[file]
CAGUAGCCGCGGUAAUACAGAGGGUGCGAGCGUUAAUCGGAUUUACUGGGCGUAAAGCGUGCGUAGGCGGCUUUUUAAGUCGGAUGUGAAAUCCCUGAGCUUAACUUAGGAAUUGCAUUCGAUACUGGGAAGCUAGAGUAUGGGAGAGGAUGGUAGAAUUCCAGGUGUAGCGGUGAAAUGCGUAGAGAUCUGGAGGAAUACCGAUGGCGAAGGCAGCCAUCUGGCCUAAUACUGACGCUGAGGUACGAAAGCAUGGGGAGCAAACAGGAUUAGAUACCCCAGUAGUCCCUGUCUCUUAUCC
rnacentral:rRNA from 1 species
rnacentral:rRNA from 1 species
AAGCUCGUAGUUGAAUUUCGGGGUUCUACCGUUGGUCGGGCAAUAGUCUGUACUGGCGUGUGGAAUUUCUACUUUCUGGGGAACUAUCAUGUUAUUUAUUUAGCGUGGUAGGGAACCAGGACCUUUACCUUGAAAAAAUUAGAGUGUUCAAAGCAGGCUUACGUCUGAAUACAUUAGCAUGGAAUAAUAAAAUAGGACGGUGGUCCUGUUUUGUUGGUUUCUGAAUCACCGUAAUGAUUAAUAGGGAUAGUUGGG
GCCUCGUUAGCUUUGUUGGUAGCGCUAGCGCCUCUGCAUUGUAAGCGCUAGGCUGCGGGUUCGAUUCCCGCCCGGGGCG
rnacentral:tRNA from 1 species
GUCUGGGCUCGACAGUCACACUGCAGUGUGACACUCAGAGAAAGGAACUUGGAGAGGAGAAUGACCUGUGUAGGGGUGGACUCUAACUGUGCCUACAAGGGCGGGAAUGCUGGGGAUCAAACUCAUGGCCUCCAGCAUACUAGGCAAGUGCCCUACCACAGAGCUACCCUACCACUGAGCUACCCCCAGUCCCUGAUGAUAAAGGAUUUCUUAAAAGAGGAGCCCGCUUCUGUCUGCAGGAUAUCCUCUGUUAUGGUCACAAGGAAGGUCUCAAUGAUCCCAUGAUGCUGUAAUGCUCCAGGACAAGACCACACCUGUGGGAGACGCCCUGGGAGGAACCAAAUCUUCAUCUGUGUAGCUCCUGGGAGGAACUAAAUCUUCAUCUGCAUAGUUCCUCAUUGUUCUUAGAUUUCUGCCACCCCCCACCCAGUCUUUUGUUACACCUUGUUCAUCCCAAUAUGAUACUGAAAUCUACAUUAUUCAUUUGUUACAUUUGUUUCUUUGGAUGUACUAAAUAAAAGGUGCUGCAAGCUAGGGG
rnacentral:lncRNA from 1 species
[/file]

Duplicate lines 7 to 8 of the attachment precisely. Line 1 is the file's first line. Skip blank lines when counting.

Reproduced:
GUCUGGGCUCGACAGUCACACUGCAGUGUGACACUCAGAGAAAGGAACUUGGAGAGGAGAAUGACCUGUGUAGGGGUGGACUCUAACUGUGCCUACAAGGGCGGGAAUGCUGGGGAUCAAACUCAUGGCCUCCAGCAUACUAGGCAAGUGCCCUACCACAGAGCUACCCUACCACUGAGCUACCCCCAGUCCCUGAUGAUAAAGGAUUUCUUAAAAGAGGAGCCCGCUUCUGUCUGCAGGAUAUCCUCUGUUAUGGUCACAAGGAAGGUCUCAAUGAUCCCAUGAUGCUGUAAUGCUCCAGGACAAGACCACACCUGUGGGAGACGCCCUGGGAGGAACCAAAUCUUCAUCUGUGUAGCUCCUGGGAGGAACUAAAUCUUCAUCUGCAUAGUUCCUCAUUGUUCUUAGAUUUCUGCCACCCCCCACCCAGUCUUUUGUUACACCUUGUUCAUCCCAAUAUGAUACUGAAAUCUACAUUAUUCAUUUGUUACAUUUGUUUCUUUGGAUGUACUAAAUAAAAGGUGCUGCAAGCUAGGGG
rnacentral:lncRNA from 1 species